Since reorganization took place, the only suggestions put forward by the Governor, the CDCR or the guards’ union (CCPOA - California Correctional Peace Officers Association) and its front group, Crime Victims United led by pro-punishment Harriet Salarno, is to build more prisons. In his 2006 State of the State speech, the governor announced his intention to finance $223 billion in state bonds over the next ten years for infrastructure and new construction in order to accommodate gross overcrowding in the CDCR’s 33 institutions. There’s no mention of decreasing the prison population through rehabilitative program interventions or streamlined parole policies.
Caren Hill, a three-strike prisoner at CCWF says,
One has to wonder what CDCR’s definition of rehabilitation really is. Punishment has always been their motto and, from this side of the fence, I can honestly say that the punishment will always be their motto. When I say “their,” I speak of the CCPOA, the men and women in green. The “free world” staff and the educators, for the most part, believe that their job is to rehabilitate. However, the custody staff often gets in the way. Custody is CCPOA and, as far as I can tell, the guards resent change and are not willing to work at rehabilitating inmates.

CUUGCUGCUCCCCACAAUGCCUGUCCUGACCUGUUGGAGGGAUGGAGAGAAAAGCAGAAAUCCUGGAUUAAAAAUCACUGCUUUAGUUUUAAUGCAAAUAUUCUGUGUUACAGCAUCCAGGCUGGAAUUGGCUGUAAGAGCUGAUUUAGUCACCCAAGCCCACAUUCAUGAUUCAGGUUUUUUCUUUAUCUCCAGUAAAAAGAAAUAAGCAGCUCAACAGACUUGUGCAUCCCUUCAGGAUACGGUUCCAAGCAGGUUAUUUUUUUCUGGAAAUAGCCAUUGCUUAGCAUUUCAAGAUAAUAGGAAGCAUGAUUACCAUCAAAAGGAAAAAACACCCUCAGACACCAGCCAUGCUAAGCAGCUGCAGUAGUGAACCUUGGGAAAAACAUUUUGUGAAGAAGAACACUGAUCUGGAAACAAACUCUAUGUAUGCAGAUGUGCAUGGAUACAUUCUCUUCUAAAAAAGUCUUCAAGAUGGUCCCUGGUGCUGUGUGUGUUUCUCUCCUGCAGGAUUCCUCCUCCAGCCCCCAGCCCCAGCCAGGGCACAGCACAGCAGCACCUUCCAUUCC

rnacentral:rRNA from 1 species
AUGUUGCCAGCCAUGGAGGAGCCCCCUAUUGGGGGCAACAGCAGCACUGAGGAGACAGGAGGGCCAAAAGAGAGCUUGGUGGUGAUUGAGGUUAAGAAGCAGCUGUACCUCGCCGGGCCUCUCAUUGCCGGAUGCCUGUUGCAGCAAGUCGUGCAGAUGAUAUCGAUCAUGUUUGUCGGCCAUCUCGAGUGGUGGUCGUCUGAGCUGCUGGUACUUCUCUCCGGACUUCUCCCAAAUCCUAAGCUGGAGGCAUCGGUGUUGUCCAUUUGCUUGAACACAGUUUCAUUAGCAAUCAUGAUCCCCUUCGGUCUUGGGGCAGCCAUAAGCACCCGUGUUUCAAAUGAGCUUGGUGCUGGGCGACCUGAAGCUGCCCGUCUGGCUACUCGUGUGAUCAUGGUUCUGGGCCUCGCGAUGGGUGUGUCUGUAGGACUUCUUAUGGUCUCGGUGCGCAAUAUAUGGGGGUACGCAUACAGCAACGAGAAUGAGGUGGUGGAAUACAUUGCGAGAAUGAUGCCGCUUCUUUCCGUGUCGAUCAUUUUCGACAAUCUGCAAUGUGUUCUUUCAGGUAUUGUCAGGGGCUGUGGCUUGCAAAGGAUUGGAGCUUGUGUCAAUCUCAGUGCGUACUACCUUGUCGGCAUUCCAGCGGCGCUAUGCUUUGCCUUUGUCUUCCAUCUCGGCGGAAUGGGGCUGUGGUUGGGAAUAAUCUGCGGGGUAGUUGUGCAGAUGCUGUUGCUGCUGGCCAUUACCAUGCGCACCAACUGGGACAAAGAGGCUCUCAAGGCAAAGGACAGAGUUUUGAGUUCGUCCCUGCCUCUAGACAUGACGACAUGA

The treatment of women prisoners by custody would shock and appall the public’s moral conscience. We are treated as less than human. We are demeaned, called names and left to “handle our business,” that is - settle inter-inmate conflicts ourselves. If one of us has a problem with any of our seven roommates, guards tell us to “handle it”, rather than move one of us. When someone is jumped in her room, staff turns their heads. Shell-shocked youngsters and the elderly are victimized regularly. Violence might be instigated by the guards or simply not attended to because they don’t want to do “paperwork”.
As the paper reorganization of the CDCR was going into effect July 1, 2005 so too were the prison medical services throughout the state. They were put under new supervision. Federal Judge Thelton Henderson put prison health care into receivership because it was so poorly run, with one inmate dying per week as a result of a non-functioning system. In February 2006, he appointed Robert Sillen to the post of federal receiver to implement reforms in a failed bureaucracy that houses 168,000 people with another 120,000 on parole. Medical costs have risen from $153 million in 2001 to $821 million in 2006 and costs will rise still higher. Sillen predicts that the medical care for prisoners may never be reintegrated under CDCR supervision.